Ashley Judd Advocates for Privacy Laws for Autopsies Following Mom Naomi’s Suicide

Ashley Judd advocates for privacy laws autopsies

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Ashley Judd advocates for new laws on the privacy of autopsies following the pain of having information about her mother’s suicide become public.

In an op-ed for The New York Times, actress Ashley Judd explains the pain she felt as information about her mother’s suicide became public without her consent. She calls for more discretion in publicizing autopsies and toxicology reports, particularly for those who have lost a loved one to suicide.

“We need better law enforcement procedures and laws that would allow suffering families and their deceased loved one more dignity around agonizingly intimate details of their suffering,” Judd wrote on Twitter, explaining that both autopsies and toxicology reports are of public record. 

The actress says that she was “given no choice in doing” the interviews she was a part of when her mother Naomi died. “We have shared our story so openly, to raise awareness, reduce stigma, to help people identify, and make sure we all know we face mental illness together. What more do folks want us to give of our grief?”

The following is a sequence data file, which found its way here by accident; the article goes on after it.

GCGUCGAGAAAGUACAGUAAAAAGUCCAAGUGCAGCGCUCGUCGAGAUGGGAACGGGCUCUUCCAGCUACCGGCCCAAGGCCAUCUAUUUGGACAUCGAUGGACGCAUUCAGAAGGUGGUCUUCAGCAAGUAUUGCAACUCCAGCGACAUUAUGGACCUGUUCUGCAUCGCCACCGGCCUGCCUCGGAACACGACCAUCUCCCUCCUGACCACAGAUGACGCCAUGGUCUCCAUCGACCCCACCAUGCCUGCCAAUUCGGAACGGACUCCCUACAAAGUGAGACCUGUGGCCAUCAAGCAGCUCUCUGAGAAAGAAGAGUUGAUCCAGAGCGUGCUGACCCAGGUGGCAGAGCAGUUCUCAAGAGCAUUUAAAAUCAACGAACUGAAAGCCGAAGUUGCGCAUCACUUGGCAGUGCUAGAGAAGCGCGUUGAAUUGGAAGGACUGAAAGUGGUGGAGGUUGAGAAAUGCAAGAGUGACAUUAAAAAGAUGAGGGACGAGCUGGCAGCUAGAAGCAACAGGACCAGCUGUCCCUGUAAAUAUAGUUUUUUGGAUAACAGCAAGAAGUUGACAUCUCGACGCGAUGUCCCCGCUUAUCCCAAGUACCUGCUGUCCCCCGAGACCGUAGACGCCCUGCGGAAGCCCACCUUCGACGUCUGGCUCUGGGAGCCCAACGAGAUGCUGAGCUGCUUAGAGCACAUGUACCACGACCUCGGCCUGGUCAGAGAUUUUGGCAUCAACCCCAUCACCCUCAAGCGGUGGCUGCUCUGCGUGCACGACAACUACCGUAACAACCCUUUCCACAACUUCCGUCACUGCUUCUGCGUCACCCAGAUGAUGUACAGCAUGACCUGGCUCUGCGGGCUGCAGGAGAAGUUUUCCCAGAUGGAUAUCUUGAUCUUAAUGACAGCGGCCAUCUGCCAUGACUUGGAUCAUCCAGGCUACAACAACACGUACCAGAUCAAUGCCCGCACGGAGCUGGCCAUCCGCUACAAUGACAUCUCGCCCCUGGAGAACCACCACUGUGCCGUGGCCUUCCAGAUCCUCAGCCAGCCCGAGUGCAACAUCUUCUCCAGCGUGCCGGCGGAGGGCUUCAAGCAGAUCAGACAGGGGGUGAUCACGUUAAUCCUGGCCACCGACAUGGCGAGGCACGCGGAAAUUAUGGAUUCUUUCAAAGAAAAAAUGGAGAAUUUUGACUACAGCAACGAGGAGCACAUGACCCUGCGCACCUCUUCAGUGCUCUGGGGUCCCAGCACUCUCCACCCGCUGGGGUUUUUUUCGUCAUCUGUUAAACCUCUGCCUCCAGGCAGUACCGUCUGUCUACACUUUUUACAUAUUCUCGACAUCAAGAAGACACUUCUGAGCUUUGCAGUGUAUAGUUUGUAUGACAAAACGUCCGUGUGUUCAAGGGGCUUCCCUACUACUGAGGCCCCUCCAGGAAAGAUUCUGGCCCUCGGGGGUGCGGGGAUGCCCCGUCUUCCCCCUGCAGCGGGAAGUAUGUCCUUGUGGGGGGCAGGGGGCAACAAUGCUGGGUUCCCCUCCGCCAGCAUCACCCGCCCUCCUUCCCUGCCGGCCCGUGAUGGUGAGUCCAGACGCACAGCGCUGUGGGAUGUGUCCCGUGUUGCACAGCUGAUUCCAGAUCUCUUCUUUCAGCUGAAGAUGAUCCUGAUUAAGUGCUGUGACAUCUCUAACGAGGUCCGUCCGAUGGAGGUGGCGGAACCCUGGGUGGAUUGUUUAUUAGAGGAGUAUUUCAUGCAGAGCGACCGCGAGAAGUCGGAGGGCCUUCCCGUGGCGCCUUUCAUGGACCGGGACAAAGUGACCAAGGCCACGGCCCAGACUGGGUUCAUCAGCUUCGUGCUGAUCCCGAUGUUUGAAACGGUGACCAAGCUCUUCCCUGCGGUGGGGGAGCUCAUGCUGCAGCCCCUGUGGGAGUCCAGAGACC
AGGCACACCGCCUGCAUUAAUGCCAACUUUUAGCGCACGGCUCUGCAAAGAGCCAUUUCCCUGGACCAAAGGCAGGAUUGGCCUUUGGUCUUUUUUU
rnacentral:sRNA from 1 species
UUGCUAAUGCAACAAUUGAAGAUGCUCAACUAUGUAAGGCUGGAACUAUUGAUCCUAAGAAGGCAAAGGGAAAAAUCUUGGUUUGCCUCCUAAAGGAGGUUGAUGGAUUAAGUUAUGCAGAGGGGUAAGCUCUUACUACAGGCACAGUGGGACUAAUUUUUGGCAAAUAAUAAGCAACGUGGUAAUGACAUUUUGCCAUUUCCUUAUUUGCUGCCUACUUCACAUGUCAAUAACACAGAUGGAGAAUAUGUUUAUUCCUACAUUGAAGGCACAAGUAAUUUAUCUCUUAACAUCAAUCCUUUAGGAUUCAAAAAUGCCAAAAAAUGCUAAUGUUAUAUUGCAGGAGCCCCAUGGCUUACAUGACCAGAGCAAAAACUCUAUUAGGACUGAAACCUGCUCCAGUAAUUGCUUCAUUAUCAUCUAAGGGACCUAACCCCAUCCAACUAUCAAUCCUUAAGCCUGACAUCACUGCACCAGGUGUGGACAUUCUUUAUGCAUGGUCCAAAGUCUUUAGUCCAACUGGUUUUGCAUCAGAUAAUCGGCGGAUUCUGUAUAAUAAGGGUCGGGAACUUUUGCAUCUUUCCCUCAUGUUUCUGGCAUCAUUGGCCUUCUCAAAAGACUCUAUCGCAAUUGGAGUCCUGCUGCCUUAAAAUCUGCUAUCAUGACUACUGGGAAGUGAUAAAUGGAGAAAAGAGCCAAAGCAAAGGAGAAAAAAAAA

Naomi Judd died in April at age 76, only days before she and her daughter Wynonna were to be inducted into the Country Music Hall of Fame for their work as The Judds. In May, Ashley revealed in an emotional interview with Good Morning America that she was the one who discovered her mother’s body during a routine daily visit to her home in Tennessee.

“I have both grief and trauma from discovering her,” Ashley says. “My mother is entitled to her dignity and her privacy. And so there are some things that we would just like to retain as a family.”

“When we’re talking about mental illness, it’s very important to make the distinction between our loved one and the disease,” she continues. “It lies. It’s savage. Our mother couldn’t hang on until she was inducted into the Hall of Fame by her peers. That was the level of catastrophe that was going on inside. The regard they had for her couldn’t penetrate her heart.”